The Army team ACS kids played on Washington’s Birthday probably was the 3d RRU. The 3d Radio Research Unit was the signals intelligence unit hard at work on the location of COSVN.

    Being signals intelligence troops, those guys did not talk a lot.

    Kevin

  • frank

    Kevin, You could very well be right. When I read your statement, I realized why I was somewhat confused about the team name. Sometime in early 1968 (USMC), I was located near the 8th RRU in Hue/Phu Bai area. Thus you can understand how I’d get a similar name from ’61 mixed up with one a few years later. Thanks for your comment. Frank

  • Kevin L. Wells

    Frank,

    I was constructing my own unofficial, unauthorized, Order of Battle even back then. I was lucky I got the real unit designation out of those guys. (It was probably my charm that did it.)

    Kevin

  • frank

    Kevin, You are right. You certainly must have had an “in”.
    Your bringing back my memory(s). They were rather calm, quite guys in 61 and in 67 & 68. ASA was special.
    Some of them (8th) set up in our bunker for awhile…they had a team in A-Shaw Valley that they were communicating with. We’d listen in…pretty nervy guys. 1st Air Cav. went into the Valley shortly after this. Didn’t work out that well! Frank

  • Alice Ahlgren Blackburn

    Frank,

    Thanks to you all for getting the Teenagers team started. You will be pleased to know that your legacy was well handed down…The 62-63 Teenagers were awesome….Bill Wagner at pitcher, Coop catching, Bill Benson with his 10-foot stretch on first, Fred Bonner, Jet Jackson – our wonder boy from Annandale – and outfielders Dave Morgan (Morg) and R.E. Johnston. Of course, the Teenagers were a “destination” team for everyone to play because we had CHEERLEADERS!!!! adorable, perky, short skirted, long legged, good looking teenage girls – used to have the MPs assure our safe arrival and departure – we were so appreciated!!!! No wonder we won so many games that season….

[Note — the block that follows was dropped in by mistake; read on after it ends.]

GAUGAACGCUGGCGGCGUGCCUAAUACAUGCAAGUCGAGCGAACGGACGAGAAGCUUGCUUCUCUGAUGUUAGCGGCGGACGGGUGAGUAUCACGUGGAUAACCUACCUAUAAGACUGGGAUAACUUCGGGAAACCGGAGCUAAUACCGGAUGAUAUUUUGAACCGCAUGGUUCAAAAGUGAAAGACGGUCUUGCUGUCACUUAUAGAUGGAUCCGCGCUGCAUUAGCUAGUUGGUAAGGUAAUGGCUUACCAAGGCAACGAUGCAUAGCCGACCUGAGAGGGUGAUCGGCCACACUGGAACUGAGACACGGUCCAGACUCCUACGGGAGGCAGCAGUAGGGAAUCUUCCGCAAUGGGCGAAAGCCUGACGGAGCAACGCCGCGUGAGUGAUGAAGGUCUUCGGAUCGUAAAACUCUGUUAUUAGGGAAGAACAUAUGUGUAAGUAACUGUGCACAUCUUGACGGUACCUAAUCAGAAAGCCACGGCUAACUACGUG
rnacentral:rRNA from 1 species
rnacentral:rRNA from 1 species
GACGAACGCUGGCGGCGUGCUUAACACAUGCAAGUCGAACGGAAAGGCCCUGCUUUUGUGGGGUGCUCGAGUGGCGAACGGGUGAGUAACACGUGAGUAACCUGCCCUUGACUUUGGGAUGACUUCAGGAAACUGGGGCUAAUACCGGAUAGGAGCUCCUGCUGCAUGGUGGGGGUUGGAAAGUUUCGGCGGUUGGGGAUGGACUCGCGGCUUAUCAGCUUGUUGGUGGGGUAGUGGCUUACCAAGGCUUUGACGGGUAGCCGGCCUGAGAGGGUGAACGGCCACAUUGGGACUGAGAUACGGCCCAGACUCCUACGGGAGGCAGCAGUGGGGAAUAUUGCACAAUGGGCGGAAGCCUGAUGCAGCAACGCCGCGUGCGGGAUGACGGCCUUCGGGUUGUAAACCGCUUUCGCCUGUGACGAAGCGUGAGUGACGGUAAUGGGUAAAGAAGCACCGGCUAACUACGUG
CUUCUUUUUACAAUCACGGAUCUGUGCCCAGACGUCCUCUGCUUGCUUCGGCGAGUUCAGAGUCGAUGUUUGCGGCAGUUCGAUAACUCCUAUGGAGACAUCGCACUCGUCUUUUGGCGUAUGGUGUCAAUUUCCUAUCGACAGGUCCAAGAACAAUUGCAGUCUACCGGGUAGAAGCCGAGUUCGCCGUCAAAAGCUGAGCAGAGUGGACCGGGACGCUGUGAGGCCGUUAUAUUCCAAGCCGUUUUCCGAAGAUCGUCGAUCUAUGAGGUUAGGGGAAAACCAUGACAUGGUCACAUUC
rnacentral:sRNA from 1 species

• Admin

    Frank, thank you for the great post and memories of how we started the Teenagers Ball Team. When I get a few minutes spare time, I’ll add some other tidbits to your post and a picture of the ‘first’ team. Along with how our cheerleaders got started. 🙂

    Bob

  • frank

    In 1965, I ran into Bill Benson in the Montana State University Student Union. In 1999 I talked to him on the phone. At that time he was still living in Bozeman, MT…